Have You Been Charged with Hit and Run in Georgia?
In Georgia, hit and run is a serious crime. It occurs when a person hits another vehicle and either leaves the scene or fails to properly identify themselves to the other driver or the police. Hit and run can occur if the vehicle is occupied or unoccupied. A person convicted of hit and run in Georgia will face harsher penalties than a DUI. If you or a loved one has been charged with hit and run, you need to act now to protect your rights! For over 20 years, Lawson and Berry has defended hit and run cases throughout Georgia. Put our experience to work for you now.
Hit and Run Laws in Georgia
O.C.G.A. §40-6-270 is Georgia's hit and run statute.
The driver of any vehicle involved in an accident resulting in injury to or the death of any person or in damage to a vehicle which is driven or attended by any person shall immediately stop such vehicle at the scene of the accident or shall stop as close thereto as possible and forthwith return to the scene of the accident and shall
- Give his or her name and address and the registration number of the vehicle he or she is driving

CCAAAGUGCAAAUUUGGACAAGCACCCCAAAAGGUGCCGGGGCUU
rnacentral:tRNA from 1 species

- Upon request and if it is available, exhibit his or her operator's license to the person struck or the driver or occupant of or person attending any vehicle collided with;
- Render to any person injured in such accident reasonable assistance, including the transporting, or the making of arrangements for the transporting, of such person to a physician, surgeon, or hospital for medical or surgical treatment if it is apparent that such treatment is necessary or if such transporting is requested by the injured person; and
- Where a person injured in such accident is unconscious, appears deceased, or is otherwise unable to communicate, make every reasonable effort to ensure that emergency medical services and local law enforcement are contacted for the purpose of reporting the accident and making a request for assistance. The driver shall in every event remain at the scene of the accident until fulfilling the requirements of this subsection. Every such stop shall be made without obstructing traffic more than is necessary.
Striking an unattended vehicle is less serious than the previously described hit and run statute. Georgia code O.C.G.A. §40-6-271 reads as follows:
The driver of any vehicle which collides with any vehicle which is unattended shall immediately stop and shall then and there either locate and notify the operator or owner of such vehicle of the name and address of the driver and owner of the vehicle striking the unattended vehicle or shall leave in a conspicuous place on the vehicle struck a written notice giving the name and address of the driver and the owner of the vehicle doing the striking.
If convicted of violating striking an unattended vehicle and failing to provide information, the crime will be treated as a misdemeanor. A misdemeanor conviction in Georgia comes with a fine up to $1,000, up to 12 months in jail, or both.
Lastly, O.C.G.A. §40-6-273 outlines the duty to report an accident that resulted in injury, death, or property damage. The statute reads as follows: